Pulmonary Pathology Online
Pathology of Idiopathic Pulmonary Fibrosis
(Idiopathic Interstitial Pneumonia; Cryptogenic Fibrosing Alveolitis)
Idiopathic interstitial pneumonia (IIP) represents a diverse group of lung disorders with variable prognoses and responses to therapy.
As the name implies, the etiology is unknown.
There is confusion regarding the definition and classification of some idiopathic fibrotic lung disorders.
Various terms have been used for the group, for example, Hamman-Rich disease, fibrosing alveolitis, idiopathic pulmonary fibrosis, and usual interstitial pneumonia.
The term Cryptogenic was added to emphasize the hidden/unknown cause, and the condition became known as cryptogenic fibrosing alveolitis (CFA) in some countries.
It is important to note that although the various forms of interstitial pneumonia may be morphologically and, to some extent, clinically distinctive, they all progress to a nonspecific "honeycomb" or "end-stage" lung.
Because of alveolitis and subsequent fibrosis, the distal part of the acinus shrinks. In a sense the lesion represent a form of atelectasis and is the reverse of emphysema. With shrinkage of lung parenchyma, the bronchioles dilate.
Because of epithelial damage the bronchiolar epithelium grows into the dilated airspaces that may have been proximal respiratory bronchioles but are no longer recognized as such.
The end stage is characterized by multiple cyst-like spaces separated from each other by dense scars. Retraction of the scar, especially of lobular septa, gives the external surface of the lung a hob-nailed appearance, hence the term "pseudocirrhosis".
On histologic examination, the "cyst" (in reality, dilated bronchioles) are found to contain mucus and other debris. Bronchi may also be slightly dilated and irregular.
Extensive vascular changes, particularly intimal fibrosis and thickening of the media, are caused by inflammation , fibrosis, and pulmonary hypertension.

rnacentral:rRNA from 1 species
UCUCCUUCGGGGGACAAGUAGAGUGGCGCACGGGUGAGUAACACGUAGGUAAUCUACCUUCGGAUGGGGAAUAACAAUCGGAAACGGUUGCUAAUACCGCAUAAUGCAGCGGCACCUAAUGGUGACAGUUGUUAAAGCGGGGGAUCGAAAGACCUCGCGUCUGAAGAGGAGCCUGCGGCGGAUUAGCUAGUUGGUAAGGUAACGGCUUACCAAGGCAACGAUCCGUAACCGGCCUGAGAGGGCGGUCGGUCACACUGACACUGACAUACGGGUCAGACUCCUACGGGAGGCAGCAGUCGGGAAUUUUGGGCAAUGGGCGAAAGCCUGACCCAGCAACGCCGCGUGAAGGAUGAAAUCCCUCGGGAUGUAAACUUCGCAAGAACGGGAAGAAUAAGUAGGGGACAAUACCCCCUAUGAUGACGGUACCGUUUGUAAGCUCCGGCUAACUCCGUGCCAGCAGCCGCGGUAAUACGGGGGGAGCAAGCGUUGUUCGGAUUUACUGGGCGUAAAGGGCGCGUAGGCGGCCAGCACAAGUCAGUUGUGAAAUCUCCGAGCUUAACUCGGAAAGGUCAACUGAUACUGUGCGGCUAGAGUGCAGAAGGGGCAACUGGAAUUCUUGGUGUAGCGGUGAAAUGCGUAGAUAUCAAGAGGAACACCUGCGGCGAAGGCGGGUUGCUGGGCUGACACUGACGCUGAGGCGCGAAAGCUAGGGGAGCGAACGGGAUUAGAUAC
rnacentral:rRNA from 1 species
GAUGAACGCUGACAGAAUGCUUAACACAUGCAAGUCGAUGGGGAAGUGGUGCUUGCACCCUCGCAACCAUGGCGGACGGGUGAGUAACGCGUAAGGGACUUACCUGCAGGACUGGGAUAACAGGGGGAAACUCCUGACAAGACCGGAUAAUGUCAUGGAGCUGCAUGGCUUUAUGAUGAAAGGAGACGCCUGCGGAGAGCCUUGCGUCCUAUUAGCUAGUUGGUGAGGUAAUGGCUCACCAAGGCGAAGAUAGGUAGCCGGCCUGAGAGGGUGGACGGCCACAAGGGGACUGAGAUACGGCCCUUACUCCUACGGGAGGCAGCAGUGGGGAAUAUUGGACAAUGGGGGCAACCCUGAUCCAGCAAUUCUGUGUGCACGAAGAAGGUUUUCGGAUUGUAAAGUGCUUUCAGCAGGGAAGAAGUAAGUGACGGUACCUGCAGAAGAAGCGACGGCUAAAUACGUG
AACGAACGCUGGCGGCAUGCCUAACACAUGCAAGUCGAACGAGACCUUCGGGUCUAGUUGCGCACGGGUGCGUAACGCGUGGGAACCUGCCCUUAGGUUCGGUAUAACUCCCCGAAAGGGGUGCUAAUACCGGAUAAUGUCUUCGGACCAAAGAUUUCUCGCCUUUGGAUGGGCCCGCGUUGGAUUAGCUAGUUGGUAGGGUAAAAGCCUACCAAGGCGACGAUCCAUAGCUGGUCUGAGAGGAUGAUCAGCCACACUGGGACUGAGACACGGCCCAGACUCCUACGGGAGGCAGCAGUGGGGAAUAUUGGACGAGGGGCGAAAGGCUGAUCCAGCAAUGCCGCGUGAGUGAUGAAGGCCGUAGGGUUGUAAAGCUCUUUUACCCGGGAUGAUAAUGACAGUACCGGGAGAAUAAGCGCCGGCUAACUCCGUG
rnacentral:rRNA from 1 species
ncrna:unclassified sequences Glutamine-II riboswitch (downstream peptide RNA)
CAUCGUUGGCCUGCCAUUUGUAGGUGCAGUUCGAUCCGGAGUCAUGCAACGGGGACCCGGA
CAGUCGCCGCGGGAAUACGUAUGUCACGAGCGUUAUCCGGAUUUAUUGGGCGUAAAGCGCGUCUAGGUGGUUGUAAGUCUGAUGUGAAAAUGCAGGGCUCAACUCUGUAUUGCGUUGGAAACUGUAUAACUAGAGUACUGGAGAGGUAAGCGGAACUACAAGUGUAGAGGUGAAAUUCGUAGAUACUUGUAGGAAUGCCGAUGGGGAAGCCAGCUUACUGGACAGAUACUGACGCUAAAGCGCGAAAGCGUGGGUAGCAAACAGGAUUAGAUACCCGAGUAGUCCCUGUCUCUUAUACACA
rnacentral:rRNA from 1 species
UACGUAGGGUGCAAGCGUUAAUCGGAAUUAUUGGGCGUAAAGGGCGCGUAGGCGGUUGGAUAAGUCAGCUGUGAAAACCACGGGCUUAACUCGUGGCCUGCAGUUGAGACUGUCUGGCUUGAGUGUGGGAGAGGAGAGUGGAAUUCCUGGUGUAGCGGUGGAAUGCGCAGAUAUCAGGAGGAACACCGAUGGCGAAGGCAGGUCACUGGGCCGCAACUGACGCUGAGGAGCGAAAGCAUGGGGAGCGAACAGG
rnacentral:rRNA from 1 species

Liebow preferred the term “idiopathic interstitial pneumonias”, which is classified into five entities namely :
1. Usual interstitial pneumonia (UIP); usual being the commonest type encountered,
2. Bronchiolitis obliterans with interstitial pneumonia (BIP)
5. Giant cell interstitial pneumonia (GIP)
More recently, it became apparent that some of these entities are not idiopathic or cryptogenic.
GIP is now generally classified as a manifestation of hard metal pneumoconiosis , although rare idiopathic cases exist. BIP is now categorized as bronchiolitis obliterans organizing pneumonia (BOOP), and lymphocytic interstitial pneumonia is now classified mainly among the lymphoproliferative disease.
Katzenstein and Katzenstein and Myers have recently classified idiopathic interstitial pneumonia/IPF into five entities (subsequently grouped two of which into a single category). [Idiopathic pulmonary fibrosis: clinical relevance of pathologic classification.Am J Respir Crit Care Med. 1998 Apr;157(4 Pt 1):1301-15. Review.]
Their histological classification which is based on the differences in the distribution , intensity and nature of the fibrosis and inflammation was recommended on the basis of its apparent reproducibility and prognostic significance.
The classification depends on the recognition that the histological changes can usually be divided into:
- "Temporally and spatially heterogeneous" ; being characterized by heterogeneity in time and space, with extreme variation in the appearances in the same biopsy, with areas of honeycomb change, indicative of repeated episodes of focal damage to the lung over a long period of time. This is characteristic of UIP, which is the most common cause of honeycomb lung.
- "Temporally uniform" ; with histological appearances indicative of lung injury occurring at a specific time scale.
Katzenstein’s classification appears to have gained acceptance by many histopathologists, respiratory physicians and radiologists.
Classification of idiopathic pulmonary fibrosis according to histological patterns of lung injury:
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